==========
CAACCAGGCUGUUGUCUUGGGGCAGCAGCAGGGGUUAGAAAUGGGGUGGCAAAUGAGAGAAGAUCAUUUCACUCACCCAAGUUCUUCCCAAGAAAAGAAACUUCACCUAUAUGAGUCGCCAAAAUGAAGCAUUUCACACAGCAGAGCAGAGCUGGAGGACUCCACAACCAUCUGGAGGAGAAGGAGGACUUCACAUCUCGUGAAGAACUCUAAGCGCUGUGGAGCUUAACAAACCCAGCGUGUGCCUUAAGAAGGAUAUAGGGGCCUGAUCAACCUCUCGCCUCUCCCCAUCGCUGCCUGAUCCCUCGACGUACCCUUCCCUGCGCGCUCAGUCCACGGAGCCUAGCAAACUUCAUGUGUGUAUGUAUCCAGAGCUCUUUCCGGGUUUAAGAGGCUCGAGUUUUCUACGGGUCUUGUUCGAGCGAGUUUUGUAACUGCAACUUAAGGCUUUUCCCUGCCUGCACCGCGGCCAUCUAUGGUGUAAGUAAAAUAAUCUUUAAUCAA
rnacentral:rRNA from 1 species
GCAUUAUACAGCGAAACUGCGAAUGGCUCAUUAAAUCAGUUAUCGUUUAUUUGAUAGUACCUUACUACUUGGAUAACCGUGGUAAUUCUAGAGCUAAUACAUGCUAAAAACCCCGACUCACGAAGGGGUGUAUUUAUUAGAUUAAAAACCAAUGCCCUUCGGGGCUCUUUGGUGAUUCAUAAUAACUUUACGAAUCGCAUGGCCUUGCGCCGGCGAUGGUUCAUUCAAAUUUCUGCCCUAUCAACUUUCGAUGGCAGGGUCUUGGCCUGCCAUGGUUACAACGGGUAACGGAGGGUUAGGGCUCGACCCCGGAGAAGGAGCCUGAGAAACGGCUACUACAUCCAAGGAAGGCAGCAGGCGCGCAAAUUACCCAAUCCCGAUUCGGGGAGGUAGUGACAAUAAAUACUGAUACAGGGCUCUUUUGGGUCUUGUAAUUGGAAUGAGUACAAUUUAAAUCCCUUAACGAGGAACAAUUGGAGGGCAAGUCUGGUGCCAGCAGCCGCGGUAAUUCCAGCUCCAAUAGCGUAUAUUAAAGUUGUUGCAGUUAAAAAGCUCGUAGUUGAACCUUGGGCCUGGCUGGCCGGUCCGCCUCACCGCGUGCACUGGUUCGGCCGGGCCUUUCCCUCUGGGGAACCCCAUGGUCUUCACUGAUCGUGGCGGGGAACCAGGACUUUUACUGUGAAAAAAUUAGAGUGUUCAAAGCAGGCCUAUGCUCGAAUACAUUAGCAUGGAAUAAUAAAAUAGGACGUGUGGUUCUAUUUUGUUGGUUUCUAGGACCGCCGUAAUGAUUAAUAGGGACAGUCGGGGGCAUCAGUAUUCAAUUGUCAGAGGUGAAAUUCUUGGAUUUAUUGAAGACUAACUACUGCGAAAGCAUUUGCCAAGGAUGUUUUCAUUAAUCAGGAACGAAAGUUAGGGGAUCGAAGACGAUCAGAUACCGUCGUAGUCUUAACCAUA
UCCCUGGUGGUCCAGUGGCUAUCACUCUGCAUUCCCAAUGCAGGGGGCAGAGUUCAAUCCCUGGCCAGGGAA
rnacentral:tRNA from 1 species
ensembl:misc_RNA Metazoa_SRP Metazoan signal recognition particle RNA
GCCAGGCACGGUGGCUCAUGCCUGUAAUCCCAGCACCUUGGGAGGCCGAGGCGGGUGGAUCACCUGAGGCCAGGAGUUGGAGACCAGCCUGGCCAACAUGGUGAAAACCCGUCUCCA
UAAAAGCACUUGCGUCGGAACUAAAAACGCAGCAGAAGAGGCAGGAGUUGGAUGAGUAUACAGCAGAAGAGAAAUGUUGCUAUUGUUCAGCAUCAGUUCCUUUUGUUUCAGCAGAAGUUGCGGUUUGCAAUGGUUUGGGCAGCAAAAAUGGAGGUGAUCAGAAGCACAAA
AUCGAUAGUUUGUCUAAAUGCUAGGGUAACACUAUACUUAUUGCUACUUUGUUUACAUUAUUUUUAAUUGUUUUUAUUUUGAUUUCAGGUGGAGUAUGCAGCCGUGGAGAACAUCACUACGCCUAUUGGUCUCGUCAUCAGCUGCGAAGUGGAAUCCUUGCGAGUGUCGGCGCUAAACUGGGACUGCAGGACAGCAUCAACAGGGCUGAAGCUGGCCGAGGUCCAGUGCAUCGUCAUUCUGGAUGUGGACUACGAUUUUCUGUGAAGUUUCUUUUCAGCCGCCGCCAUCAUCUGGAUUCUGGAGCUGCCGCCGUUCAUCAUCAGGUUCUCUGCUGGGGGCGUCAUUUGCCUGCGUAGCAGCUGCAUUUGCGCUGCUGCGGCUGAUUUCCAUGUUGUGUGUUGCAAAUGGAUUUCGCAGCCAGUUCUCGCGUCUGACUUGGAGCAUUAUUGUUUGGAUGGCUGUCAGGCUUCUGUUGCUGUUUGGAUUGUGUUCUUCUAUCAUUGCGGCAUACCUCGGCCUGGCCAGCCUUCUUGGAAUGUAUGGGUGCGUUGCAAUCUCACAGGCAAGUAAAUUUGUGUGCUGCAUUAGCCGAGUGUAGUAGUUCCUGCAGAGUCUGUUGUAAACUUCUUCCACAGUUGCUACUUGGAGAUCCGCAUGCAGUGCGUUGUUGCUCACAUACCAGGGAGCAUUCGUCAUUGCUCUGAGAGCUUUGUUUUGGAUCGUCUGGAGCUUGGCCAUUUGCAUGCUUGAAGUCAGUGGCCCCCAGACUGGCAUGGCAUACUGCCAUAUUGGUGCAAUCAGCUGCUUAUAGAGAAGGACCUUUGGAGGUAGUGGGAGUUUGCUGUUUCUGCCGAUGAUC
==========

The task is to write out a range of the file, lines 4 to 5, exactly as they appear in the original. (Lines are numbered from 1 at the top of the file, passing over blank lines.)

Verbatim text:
UCCCUGGUGGUCCAGUGGCUAUCACUCUGCAUUCCCAAUGCAGGGGGCAGAGUUCAAUCCCUGGCCAGGGAA
rnacentral:tRNA from 1 species